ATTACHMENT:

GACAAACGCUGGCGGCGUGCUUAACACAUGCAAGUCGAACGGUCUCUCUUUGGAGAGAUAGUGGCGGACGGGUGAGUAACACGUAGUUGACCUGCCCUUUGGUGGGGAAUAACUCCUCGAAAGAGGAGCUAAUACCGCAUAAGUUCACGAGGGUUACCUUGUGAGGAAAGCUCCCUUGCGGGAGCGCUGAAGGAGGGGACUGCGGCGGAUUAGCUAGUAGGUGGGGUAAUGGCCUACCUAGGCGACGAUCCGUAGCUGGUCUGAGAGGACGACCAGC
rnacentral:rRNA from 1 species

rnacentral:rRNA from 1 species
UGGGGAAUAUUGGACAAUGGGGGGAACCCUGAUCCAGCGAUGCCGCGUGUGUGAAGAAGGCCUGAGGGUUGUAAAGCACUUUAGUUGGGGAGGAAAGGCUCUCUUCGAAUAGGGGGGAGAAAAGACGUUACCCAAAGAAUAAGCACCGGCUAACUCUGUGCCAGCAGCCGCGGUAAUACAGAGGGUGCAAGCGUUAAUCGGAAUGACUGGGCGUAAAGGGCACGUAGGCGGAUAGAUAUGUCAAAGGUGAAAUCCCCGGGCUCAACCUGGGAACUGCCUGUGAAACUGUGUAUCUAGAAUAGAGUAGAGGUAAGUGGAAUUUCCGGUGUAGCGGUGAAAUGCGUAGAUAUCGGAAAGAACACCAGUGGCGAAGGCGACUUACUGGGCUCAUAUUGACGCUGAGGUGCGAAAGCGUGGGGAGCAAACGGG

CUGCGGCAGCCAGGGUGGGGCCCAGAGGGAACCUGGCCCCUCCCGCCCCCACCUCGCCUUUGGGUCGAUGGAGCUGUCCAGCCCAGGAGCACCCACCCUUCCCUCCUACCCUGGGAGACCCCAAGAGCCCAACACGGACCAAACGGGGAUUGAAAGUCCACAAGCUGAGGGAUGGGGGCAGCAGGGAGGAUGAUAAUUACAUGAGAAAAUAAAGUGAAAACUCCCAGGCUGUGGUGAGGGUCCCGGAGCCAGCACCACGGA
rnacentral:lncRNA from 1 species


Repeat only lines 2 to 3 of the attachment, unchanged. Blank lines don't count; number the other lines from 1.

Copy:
rnacentral:rRNA from 1 species

rnacentral:rRNA from 1 species